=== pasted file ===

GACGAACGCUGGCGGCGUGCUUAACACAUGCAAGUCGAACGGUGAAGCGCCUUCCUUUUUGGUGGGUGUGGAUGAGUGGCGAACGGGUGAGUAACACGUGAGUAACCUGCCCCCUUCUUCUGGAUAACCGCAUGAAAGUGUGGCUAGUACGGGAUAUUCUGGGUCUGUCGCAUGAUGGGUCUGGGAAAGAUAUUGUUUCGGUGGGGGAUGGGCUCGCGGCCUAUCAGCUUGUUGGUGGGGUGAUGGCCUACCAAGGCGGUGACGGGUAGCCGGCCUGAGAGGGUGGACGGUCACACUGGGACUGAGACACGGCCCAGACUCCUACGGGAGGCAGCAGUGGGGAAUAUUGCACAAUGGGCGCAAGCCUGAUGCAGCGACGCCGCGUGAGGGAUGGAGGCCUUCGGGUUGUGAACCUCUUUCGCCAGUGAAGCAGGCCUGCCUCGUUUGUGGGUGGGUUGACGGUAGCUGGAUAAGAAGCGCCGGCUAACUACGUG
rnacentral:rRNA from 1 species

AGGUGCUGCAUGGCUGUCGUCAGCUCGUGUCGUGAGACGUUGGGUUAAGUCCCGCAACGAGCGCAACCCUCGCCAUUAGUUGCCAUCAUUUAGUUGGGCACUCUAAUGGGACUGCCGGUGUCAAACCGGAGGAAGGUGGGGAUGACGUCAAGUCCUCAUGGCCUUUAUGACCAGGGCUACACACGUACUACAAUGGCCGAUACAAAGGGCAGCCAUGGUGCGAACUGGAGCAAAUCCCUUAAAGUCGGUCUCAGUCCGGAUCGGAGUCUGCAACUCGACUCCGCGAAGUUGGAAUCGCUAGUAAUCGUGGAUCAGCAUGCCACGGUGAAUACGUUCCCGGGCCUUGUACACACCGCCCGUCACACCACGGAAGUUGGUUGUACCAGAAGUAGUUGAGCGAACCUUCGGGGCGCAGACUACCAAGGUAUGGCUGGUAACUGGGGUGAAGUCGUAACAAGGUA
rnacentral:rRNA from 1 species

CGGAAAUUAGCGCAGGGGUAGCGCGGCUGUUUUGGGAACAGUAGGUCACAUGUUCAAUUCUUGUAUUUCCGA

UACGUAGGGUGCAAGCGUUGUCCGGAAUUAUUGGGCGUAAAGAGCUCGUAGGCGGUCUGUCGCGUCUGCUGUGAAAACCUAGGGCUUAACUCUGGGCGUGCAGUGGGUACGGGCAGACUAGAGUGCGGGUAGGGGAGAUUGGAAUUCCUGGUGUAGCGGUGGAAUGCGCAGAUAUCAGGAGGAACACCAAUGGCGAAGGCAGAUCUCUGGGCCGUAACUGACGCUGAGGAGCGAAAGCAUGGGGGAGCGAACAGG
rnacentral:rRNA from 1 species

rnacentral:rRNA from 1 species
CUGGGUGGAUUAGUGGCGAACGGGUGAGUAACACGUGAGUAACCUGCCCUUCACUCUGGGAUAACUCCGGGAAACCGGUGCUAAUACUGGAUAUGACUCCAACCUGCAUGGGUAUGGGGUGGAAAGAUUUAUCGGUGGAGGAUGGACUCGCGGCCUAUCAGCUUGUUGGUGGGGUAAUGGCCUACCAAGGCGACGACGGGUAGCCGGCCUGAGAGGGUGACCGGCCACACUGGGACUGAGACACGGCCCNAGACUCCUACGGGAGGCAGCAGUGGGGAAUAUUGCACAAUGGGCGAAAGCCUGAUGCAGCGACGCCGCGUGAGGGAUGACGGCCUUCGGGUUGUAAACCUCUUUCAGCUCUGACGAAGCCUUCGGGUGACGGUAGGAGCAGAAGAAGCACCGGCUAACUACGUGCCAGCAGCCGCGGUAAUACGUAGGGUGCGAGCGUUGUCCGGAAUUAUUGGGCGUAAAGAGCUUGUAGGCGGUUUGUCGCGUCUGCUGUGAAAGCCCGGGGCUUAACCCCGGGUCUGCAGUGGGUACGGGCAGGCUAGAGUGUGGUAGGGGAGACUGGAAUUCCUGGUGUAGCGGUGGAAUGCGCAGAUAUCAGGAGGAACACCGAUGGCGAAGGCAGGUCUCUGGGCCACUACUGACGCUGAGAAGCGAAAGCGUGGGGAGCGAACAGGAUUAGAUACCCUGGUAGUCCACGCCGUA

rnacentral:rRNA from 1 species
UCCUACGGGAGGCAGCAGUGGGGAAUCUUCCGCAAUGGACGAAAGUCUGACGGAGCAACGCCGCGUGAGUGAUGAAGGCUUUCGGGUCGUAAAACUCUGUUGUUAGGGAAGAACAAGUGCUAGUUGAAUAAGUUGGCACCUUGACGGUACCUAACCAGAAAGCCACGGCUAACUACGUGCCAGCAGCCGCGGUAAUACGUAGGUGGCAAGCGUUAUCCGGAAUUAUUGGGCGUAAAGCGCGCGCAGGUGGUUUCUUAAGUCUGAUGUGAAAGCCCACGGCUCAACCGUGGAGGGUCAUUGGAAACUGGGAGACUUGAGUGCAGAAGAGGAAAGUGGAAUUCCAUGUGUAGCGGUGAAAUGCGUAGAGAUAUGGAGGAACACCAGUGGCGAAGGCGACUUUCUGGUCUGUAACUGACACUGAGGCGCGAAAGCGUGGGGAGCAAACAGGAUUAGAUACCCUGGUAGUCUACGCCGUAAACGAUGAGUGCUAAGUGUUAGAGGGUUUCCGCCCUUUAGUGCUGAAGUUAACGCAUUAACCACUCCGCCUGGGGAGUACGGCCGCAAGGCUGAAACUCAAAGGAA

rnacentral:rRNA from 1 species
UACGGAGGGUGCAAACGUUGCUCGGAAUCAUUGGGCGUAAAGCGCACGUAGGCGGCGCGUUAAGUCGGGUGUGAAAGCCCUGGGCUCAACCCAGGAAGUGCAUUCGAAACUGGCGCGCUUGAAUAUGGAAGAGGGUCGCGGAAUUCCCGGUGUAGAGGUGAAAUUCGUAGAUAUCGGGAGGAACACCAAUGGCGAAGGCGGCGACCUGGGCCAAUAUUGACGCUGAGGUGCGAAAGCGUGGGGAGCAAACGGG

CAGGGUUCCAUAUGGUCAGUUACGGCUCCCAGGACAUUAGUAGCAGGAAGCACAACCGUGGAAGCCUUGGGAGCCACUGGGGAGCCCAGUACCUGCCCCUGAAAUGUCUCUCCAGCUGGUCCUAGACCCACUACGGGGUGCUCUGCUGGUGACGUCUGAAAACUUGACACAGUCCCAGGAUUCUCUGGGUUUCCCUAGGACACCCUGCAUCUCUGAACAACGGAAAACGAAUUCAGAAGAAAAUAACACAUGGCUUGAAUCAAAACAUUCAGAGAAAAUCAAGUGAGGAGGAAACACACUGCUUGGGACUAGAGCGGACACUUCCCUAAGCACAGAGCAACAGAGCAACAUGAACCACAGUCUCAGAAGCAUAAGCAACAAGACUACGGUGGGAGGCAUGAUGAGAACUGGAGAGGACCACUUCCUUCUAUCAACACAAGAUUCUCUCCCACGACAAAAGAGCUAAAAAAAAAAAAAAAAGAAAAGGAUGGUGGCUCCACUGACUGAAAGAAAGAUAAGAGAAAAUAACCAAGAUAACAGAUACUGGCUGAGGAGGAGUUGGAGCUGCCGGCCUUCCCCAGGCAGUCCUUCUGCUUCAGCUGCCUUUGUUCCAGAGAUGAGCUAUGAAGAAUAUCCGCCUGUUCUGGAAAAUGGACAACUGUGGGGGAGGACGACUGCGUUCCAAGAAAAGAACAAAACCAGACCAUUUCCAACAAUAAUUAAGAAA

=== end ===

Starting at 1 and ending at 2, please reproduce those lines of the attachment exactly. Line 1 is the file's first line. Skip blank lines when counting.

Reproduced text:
GACGAACGCUGGCGGCGUGCUUAACACAUGCAAGUCGAACGGUGAAGCGCCUUCCUUUUUGGUGGGUGUGGAUGAGUGGCGAACGGGUGAGUAACACGUGAGUAACCUGCCCCCUUCUUCUGGAUAACCGCAUGAAAGUGUGGCUAGUACGGGAUAUUCUGGGUCUGUCGCAUGAUGGGUCUGGGAAAGAUAUUGUUUCGGUGGGGGAUGGGCUCGCGGCCUAUCAGCUUGUUGGUGGGGUGAUGGCCUACCAAGGCGGUGACGGGUAGCCGGCCUGAGAGGGUGGACGGUCACACUGGGACUGAGACACGGCCCAGACUCCUACGGGAGGCAGCAGUGGGGAAUAUUGCACAAUGGGCGCAAGCCUGAUGCAGCGACGCCGCGUGAGGGAUGGAGGCCUUCGGGUUGUGAACCUCUUUCGCCAGUGAAGCAGGCCUGCCUCGUUUGUGGGUGGGUUGACGGUAGCUGGAUAAGAAGCGCCGGCUAACUACGUG
rnacentral:rRNA from 1 species